There are three different places where I buy eggs: one is the egg lady at Vaison's famous Provençal Tuesday market, the other the egg and poultry vendor at our Saturday Farmer's market and then there is my friend Berthe who has a cleaning lady who has chicken and sells their eggs to a chosen few. When there are eggs aplenty I am lucky enough to be one of them. These are actually the very best eggs since her chicken have the run of the garden and surrounding vineyard and pick at whatever they like best plus a few kitchen scraps. When I went Tuesday to get my Easter eggs to colour them the egg lady was also selling quail's eggs. Usually I buy those to hardboil, peel and serve them for aperitif dipped a a bit of hickory smoked salt. But don't they look just beautiful turned into little Easter Jewels?
All set to cook! This is the still life that will greet my first guests of the season when they will arrive in about half an hour. The season for my cooking classes Cuisine de Provence starts today and we have Mousseline de Courgettes (a creamy zucchini soup) on the menu. We will then make a Tapenade of black and green olives and sundried tomatoes, an olive bread, "petits farcies" (vegetable, couscous and sausage meat filled bell peppers), and a mousse au chocolat for dessert. Can't wait to get started!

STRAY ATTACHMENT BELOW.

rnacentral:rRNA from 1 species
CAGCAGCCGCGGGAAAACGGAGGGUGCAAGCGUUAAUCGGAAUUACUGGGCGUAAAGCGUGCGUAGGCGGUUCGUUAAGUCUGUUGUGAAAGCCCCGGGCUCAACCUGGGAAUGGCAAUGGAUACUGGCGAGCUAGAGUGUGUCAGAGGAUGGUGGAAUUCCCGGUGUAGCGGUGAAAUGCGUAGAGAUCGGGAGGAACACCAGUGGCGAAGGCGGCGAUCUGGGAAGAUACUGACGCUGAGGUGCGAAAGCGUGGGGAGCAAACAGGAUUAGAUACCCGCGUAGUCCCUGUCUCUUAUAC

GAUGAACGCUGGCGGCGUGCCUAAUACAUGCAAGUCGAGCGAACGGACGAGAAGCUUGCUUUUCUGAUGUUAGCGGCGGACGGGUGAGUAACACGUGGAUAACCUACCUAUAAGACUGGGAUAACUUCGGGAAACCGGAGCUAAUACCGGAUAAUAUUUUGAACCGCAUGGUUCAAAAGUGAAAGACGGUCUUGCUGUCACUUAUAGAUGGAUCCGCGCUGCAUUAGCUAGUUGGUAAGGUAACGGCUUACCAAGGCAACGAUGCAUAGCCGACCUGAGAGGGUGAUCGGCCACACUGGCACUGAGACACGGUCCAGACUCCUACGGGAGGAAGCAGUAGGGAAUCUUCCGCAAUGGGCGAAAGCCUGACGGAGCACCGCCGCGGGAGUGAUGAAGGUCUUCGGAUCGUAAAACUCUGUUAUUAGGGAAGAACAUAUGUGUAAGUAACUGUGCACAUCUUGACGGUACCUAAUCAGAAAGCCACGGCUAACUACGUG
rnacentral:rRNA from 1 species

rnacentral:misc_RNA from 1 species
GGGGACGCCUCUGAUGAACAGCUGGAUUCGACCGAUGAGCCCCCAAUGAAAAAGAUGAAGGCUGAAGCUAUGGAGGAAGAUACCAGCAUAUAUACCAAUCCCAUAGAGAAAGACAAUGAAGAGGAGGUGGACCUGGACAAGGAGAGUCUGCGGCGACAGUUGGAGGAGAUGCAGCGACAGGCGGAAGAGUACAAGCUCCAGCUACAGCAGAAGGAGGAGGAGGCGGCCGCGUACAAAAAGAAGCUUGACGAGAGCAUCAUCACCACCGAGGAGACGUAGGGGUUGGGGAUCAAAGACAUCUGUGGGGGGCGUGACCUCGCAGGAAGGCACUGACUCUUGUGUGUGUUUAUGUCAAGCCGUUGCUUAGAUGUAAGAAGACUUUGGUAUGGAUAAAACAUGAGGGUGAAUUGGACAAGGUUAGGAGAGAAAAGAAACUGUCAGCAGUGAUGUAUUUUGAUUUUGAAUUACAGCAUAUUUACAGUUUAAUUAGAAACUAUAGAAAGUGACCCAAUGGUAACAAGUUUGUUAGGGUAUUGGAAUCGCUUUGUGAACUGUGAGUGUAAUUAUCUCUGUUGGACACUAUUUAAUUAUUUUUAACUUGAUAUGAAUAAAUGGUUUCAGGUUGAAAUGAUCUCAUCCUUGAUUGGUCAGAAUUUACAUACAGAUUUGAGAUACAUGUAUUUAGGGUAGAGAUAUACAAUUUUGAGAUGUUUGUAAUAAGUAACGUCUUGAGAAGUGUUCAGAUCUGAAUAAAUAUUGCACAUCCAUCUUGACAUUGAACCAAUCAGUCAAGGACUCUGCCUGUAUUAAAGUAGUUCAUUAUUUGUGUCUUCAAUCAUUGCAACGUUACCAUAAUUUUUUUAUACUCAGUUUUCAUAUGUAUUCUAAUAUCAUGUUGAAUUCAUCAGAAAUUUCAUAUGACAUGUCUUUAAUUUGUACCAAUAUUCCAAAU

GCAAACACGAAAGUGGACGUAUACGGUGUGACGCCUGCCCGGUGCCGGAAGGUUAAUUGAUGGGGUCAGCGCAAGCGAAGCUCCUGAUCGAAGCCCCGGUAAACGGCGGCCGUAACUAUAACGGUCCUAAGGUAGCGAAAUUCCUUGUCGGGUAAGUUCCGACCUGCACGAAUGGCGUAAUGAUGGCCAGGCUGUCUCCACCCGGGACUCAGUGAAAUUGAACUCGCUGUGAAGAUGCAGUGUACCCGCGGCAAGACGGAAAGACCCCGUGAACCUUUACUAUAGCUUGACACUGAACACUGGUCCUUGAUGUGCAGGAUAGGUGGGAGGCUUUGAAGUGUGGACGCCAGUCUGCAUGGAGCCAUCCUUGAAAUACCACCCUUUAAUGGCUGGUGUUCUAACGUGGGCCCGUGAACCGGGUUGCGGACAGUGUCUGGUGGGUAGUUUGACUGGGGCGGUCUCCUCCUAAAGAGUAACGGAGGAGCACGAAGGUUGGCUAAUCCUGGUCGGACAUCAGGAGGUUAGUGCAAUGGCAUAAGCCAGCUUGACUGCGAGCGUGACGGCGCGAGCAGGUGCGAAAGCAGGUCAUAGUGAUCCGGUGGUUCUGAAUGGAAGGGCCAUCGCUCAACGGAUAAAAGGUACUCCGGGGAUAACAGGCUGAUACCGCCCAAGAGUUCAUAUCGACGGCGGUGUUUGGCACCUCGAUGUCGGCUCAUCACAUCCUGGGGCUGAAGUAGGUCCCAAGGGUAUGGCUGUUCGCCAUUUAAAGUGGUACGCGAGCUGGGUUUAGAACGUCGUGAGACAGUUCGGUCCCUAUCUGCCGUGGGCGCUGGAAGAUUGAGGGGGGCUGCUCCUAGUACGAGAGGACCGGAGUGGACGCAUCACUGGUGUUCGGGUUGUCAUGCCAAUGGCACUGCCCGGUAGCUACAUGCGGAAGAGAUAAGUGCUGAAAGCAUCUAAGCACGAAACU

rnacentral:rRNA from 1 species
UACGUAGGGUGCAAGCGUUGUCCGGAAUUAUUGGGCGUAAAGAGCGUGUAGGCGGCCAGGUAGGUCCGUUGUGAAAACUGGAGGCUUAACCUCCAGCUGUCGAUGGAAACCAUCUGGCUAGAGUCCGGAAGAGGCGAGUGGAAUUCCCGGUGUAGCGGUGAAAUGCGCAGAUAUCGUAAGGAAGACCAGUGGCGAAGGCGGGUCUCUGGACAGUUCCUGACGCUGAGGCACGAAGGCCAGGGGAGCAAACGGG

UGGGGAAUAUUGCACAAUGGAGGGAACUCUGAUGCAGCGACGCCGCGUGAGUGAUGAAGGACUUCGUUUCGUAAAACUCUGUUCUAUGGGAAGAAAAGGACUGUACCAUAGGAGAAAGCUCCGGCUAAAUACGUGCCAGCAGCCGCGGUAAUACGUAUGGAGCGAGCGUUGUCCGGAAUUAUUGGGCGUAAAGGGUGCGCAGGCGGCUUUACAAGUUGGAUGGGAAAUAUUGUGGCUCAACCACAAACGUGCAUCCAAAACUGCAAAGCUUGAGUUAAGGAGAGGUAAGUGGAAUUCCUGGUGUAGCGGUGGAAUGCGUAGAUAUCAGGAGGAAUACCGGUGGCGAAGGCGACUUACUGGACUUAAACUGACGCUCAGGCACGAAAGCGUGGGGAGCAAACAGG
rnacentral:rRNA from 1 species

Whenever I am travelling I try to get a feeling for the local cuisine, go to the markets, scout out delis and supermarkets. In some cities (like Istanbul or Rome) you can't help but stumble over culinary discoveries pretty much everywhere you go. Other places don't offer their treasures all that easily. So when we visited Manhattan last week I had to rely on old memories and very gracefully offered insider tips to discover the incredible diversity of New York City's food scene.
Dragon Fruit in Chinatown
Fresh Garlic Sprouts
Another incredible Chinatown Fruit and Vegetable stall
Pak Choi and Kohlrabi
Mediterraenean diet in NYC? No problem thanks to Chelsea Market
Fresh Root Vegetables
Any salad you could ever want to buy
Horn of Plenty or what?
Just a quick peak into the fruit section of the Food Market Hall at Grand Central Station
It doesn't come any fresher than this...
But best of all was this wonderful feast my American brother Robert and sister Susan treated us to. More years ago than I care to remember I was an exchange student and lived for a year with the wonderful Gaul family in a suburb of Toledo, Ohio. My American "brother" Robert is now a very sucessful architectural designer in New York and my "sister" Susan flew in from Ohio and together they cooked the most unbelievably delicious and feather light ricotta gnocchi and a fantastic salmon in a very light tomato sauce sprinkled with Jalapeno peppers. Not only because of the food - this was the most memorable, fun and just plain wonderful evening we had in NYC!
With my American sister and brother Susan and Robert
The Manhattan foodie adresses I liked best:
The Grand Central Food Market at Grand Central Train Station
Chelsea Market, 75 9th Avenue - between 15th and 16th Street